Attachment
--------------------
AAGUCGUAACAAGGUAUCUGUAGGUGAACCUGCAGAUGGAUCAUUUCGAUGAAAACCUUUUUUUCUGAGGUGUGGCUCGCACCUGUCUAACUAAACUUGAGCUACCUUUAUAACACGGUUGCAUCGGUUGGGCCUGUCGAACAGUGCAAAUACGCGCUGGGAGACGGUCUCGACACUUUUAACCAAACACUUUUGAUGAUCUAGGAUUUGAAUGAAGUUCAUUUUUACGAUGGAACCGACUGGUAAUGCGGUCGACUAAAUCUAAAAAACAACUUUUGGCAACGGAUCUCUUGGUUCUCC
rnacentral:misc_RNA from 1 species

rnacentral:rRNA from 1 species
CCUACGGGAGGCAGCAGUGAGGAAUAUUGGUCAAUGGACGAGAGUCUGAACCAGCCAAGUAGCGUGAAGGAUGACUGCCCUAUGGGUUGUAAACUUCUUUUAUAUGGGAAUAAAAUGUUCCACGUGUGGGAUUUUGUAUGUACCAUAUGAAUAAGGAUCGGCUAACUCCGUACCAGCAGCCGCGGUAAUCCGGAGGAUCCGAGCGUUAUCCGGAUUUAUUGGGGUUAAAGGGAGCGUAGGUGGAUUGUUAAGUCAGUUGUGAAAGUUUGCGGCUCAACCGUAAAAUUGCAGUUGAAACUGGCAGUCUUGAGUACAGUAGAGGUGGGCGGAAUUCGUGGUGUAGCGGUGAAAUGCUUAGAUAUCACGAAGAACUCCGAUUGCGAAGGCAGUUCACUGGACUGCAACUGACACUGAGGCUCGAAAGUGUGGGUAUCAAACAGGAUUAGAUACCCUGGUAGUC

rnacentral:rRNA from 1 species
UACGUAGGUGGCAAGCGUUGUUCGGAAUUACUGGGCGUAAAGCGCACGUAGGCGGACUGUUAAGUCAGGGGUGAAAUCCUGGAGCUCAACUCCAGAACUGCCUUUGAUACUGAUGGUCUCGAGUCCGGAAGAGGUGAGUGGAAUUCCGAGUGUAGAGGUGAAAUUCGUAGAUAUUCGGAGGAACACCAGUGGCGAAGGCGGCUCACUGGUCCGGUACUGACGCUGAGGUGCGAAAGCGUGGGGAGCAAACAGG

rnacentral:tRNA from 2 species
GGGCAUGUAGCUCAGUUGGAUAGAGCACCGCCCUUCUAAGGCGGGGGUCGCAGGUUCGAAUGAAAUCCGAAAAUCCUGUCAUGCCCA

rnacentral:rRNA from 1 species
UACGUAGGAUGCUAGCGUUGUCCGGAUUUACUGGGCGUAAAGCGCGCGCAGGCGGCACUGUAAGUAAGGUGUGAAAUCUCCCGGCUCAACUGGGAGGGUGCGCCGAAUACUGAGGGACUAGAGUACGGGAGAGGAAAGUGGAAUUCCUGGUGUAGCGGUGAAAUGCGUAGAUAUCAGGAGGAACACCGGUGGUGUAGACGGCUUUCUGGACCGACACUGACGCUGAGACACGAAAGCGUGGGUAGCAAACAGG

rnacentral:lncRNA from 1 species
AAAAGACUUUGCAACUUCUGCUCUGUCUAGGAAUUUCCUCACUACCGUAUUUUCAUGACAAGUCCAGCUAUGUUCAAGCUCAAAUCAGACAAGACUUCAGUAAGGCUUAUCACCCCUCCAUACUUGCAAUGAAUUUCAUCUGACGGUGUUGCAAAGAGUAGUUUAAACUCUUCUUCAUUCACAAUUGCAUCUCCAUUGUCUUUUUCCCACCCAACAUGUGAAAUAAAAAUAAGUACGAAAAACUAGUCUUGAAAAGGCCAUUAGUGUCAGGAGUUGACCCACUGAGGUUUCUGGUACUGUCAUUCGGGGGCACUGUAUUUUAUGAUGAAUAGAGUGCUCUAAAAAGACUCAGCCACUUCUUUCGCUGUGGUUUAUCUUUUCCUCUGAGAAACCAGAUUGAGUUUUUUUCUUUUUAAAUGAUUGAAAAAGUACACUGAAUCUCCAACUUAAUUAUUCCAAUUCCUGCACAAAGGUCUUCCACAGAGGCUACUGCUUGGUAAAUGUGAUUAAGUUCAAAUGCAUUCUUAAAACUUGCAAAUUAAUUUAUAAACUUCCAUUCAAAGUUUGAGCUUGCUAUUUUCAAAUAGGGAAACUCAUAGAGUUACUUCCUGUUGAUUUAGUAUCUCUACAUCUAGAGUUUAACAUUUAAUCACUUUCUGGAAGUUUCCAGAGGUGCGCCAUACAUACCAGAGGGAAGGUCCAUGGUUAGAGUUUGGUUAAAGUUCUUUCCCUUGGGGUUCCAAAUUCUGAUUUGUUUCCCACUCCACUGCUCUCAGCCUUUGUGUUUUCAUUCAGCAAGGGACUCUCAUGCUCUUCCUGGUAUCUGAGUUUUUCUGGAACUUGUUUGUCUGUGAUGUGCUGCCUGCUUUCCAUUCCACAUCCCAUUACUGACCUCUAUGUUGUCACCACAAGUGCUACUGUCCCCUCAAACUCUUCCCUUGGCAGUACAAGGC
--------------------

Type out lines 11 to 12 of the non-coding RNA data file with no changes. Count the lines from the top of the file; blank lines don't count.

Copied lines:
rnacentral:lncRNA from 1 species
AAAAGACUUUGCAACUUCUGCUCUGUCUAGGAAUUUCCUCACUACCGUAUUUUCAUGACAAGUCCAGCUAUGUUCAAGCUCAAAUCAGACAAGACUUCAGUAAGGCUUAUCACCCCUCCAUACUUGCAAUGAAUUUCAUCUGACGGUGUUGCAAAGAGUAGUUUAAACUCUUCUUCAUUCACAAUUGCAUCUCCAUUGUCUUUUUCCCACCCAACAUGUGAAAUAAAAAUAAGUACGAAAAACUAGUCUUGAAAAGGCCAUUAGUGUCAGGAGUUGACCCACUGAGGUUUCUGGUACUGUCAUUCGGGGGCACUGUAUUUUAUGAUGAAUAGAGUGCUCUAAAAAGACUCAGCCACUUCUUUCGCUGUGGUUUAUCUUUUCCUCUGAGAAACCAGAUUGAGUUUUUUUCUUUUUAAAUGAUUGAAAAAGUACACUGAAUCUCCAACUUAAUUAUUCCAAUUCCUGCACAAAGGUCUUCCACAGAGGCUACUGCUUGGUAAAUGUGAUUAAGUUCAAAUGCAUUCUUAAAACUUGCAAAUUAAUUUAUAAACUUCCAUUCAAAGUUUGAGCUUGCUAUUUUCAAAUAGGGAAACUCAUAGAGUUACUUCCUGUUGAUUUAGUAUCUCUACAUCUAGAGUUUAACAUUUAAUCACUUUCUGGAAGUUUCCAGAGGUGCGCCAUACAUACCAGAGGGAAGGUCCAUGGUUAGAGUUUGGUUAAAGUUCUUUCCCUUGGGGUUCCAAAUUCUGAUUUGUUUCCCACUCCACUGCUCUCAGCCUUUGUGUUUUCAUUCAGCAAGGGACUCUCAUGCUCUUCCUGGUAUCUGAGUUUUUCUGGAACUUGUUUGUCUGUGAUGUGCUGCCUGCUUUCCAUUCCACAUCCCAUUACUGACCUCUAUGUUGUCACCACAAGUGCUACUGUCCCCUCAAACUCUUCCCUUGGCAGUACAAGGC